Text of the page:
Widdice LE, Hsieh YH, Silver B, Barnes M, Barnes P, Gaydos CA. Performance of the Atlas Genetics Rapid Test for Chlamydia trachomatis and Women's Attitudes Toward Point-Of-Care Testing. Sex Transm Inf. 2018, 45: 723-727. PMC6179923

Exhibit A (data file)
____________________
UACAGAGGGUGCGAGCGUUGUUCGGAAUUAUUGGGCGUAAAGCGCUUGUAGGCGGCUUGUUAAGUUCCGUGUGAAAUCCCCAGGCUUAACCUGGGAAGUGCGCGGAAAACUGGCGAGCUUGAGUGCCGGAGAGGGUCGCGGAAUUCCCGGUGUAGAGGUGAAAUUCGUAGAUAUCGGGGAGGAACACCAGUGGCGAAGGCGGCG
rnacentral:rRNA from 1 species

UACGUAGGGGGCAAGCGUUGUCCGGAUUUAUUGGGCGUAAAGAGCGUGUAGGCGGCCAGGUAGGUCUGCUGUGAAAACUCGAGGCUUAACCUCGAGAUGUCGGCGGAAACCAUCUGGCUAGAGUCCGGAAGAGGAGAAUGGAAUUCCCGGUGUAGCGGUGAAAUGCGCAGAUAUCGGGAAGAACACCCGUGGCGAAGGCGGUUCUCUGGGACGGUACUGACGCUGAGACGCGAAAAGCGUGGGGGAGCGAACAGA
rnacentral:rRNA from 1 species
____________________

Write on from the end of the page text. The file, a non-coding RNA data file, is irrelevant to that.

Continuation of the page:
PURPOSE: This study compared performance of the Atlas io polymerase chain reaction-based, point-of-care (POC) assay for Chlamydia trachomatis (CT), to Aptima Combo 2, a standard of care nucleic acid amplification assay, and evaluated patient attitudes toward POC testing. METHODS: Women 14 years or older undergoing CT screening/testing were recruited from Teen Health Center and a sexually transmitted disease clinic. Participants provided self-obtained vaginal swabs for testing with the Atlas io and Aptima Combo 2, and completed questionnaires assessing attitudes toward POC testing. RESULTS: Of 296 women recruited, 284 (192 from sexually transmitted disease clinic, 92 from Teen Health Center) had Aptima Combo 2 and Atlas io results available; 273 completed the questionnaire. Average age was 27.4 years (SD, 10.8 years). Sensitivity and specificity of the Atlas io test were 83.9% (26/31 specimens; 95% confidence interval [CI], 70.9-96.8%) and 98.8% (250/253 specimens; 95% CI, 97.5-100%), respectively. When specimens with discrepant results were included in the analyses, adjudicated sensitivity and specificity were 92.9% (26/28 specimens; 95% CI, 83.3 to 100%) and 98.8% (253/256 specimens; 95% CI, 97.5 to 100%), respectively.A majority (70%) of women preferred to collect vaginal self-swab if a POC test were available. Most (61%) were willing to wait up to 20 minutes, and 26% were willing to wait up to 40 minutes for results, if they could be treated before leaving clinic. CONCLUSIONS: A POC polymerase chain reaction test detecting CT had high sensitivity and specificity when testing prospective, vaginal swab samples. Availability of CT results during patients' visits may decrease time to treatment.